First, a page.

Ecology of Sceloporus gadsdeni (Squamata: Phrynosomatidae) from the central Chihuahuan Desert, Mexico
Keywords:density, growth, population structure, sexual maturity, thermoregulation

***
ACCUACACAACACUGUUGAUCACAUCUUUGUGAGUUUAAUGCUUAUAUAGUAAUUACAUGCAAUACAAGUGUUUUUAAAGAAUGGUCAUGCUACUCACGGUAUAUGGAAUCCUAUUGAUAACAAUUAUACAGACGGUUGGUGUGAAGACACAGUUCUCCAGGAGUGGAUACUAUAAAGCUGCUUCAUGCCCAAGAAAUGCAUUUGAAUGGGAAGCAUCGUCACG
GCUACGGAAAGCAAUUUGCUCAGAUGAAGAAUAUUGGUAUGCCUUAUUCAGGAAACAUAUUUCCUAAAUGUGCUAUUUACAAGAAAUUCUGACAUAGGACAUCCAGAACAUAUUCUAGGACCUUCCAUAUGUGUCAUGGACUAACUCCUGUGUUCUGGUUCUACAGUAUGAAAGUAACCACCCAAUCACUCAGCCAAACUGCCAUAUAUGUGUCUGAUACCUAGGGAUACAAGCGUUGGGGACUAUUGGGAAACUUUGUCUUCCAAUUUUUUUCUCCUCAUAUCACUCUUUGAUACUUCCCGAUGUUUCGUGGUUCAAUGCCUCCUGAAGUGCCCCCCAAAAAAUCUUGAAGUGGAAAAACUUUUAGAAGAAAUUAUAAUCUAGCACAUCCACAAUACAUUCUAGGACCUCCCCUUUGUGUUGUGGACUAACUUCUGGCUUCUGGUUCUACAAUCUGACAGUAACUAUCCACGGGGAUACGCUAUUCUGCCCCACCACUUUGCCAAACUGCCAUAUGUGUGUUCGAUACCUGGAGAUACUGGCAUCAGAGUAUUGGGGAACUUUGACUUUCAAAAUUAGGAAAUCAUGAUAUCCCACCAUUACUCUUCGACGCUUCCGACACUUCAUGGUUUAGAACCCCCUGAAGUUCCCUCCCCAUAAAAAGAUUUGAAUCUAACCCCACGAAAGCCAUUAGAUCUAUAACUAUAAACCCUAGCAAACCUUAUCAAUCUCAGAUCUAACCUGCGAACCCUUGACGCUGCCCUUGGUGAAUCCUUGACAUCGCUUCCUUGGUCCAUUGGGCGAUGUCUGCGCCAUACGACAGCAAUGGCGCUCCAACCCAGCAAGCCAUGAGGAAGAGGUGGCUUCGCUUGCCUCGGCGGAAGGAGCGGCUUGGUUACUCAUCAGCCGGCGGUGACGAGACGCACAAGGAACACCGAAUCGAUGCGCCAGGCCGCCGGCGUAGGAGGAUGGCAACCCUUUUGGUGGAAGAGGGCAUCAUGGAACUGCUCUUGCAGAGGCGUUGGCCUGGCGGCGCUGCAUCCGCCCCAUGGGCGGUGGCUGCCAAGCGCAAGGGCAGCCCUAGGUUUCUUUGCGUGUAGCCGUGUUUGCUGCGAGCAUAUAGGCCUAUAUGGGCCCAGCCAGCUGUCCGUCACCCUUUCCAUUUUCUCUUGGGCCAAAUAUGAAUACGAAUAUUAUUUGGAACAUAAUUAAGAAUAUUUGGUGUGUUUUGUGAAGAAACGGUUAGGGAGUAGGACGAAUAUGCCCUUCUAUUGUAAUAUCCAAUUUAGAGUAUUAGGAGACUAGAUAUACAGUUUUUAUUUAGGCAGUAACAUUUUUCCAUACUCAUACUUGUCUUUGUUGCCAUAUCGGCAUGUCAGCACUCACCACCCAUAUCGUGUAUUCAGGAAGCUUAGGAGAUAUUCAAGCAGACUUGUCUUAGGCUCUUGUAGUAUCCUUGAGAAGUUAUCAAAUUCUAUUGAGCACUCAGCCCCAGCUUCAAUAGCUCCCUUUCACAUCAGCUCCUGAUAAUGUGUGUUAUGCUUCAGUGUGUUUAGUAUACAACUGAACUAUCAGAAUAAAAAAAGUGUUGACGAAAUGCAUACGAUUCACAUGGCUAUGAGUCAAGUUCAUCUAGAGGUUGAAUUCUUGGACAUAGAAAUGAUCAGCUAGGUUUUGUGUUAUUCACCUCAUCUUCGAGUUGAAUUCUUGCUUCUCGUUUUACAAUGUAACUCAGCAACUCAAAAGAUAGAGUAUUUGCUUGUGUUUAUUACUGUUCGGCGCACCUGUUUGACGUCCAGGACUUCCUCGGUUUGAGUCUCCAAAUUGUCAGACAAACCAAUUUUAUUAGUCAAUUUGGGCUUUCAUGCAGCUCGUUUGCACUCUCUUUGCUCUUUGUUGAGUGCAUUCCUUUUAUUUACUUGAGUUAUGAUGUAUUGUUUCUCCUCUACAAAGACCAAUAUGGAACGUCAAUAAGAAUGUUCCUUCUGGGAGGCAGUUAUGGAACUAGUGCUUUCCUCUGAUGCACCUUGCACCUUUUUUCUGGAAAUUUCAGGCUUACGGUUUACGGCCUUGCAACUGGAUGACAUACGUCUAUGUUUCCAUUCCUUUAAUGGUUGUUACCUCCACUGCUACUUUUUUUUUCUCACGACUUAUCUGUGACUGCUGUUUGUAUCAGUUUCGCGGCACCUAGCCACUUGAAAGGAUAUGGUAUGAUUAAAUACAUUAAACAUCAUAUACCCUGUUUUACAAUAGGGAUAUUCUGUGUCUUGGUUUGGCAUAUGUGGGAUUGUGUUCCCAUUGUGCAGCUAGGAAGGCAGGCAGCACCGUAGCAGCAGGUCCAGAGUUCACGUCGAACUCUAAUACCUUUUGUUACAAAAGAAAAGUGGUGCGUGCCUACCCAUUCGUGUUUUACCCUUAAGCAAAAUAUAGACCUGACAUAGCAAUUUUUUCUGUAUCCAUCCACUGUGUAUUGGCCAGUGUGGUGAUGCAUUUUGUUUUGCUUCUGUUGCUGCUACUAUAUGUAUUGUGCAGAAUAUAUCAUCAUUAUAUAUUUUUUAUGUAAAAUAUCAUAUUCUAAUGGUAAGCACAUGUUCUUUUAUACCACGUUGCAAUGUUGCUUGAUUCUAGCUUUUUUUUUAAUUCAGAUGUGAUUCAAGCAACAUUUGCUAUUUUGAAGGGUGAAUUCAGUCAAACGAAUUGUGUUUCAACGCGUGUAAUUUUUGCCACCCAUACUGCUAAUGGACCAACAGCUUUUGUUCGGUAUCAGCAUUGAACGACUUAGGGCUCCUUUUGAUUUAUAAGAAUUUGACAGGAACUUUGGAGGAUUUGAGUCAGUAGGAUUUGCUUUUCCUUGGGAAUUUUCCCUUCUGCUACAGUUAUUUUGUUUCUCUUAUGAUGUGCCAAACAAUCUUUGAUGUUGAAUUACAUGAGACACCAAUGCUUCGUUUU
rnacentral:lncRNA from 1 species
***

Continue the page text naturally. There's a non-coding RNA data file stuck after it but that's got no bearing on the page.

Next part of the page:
Ecology of Sceloporus gadsdeni (Squamata: Phrynosomatidae) from the central Chihuahuan Desert, Mexico. Populations of Sceloporus cyanostictus Axtell and Axtell, 1971 from southwestern Coahuila have been described as a new species, Sceloporus gadsdeni Castañeda-Gaytán and Díaz-Cárdenas, 2017. Sceloporus cyanostictus is listed as Endangered by the IUCN Red List due to the decline in its habitat and its limited distribution. The subdivision of S. cyanostictus into two species further reduces the range and population size of each taxon, thereby posing a possible threat to the conservation status of each species. We describe here the sexual dimorphism, growth, age, population structure, sex ratio, density, and thermal ecology of S. gadsdeni to supplement the available information for one these two species. Males are larger than females, and when both sexes reach maturity after 1.1 yr, they have snout–vent lengths of about 60 mm. Population structures in the spring and summer are similar, and differ from those in the fall. The sex ratio is male-biased and varies seasonally. Population density varies from 29 to 124 individuals/ha. Mean body temperature is 32.1°C and mean preferred body temperature is 32.7°C. Sceloporus gadsdeni is a thermoregulator that has high thermal accuracy (db = 0.02) and optimal thermal effciency (E = 0.98) in an environment with suboptimal thermal quality during September. The data suggest that S. gadsdeni is a sexually dimorphic species that has early sexual maturity, relatively slow growth, variable population density, and effective thermoregulation.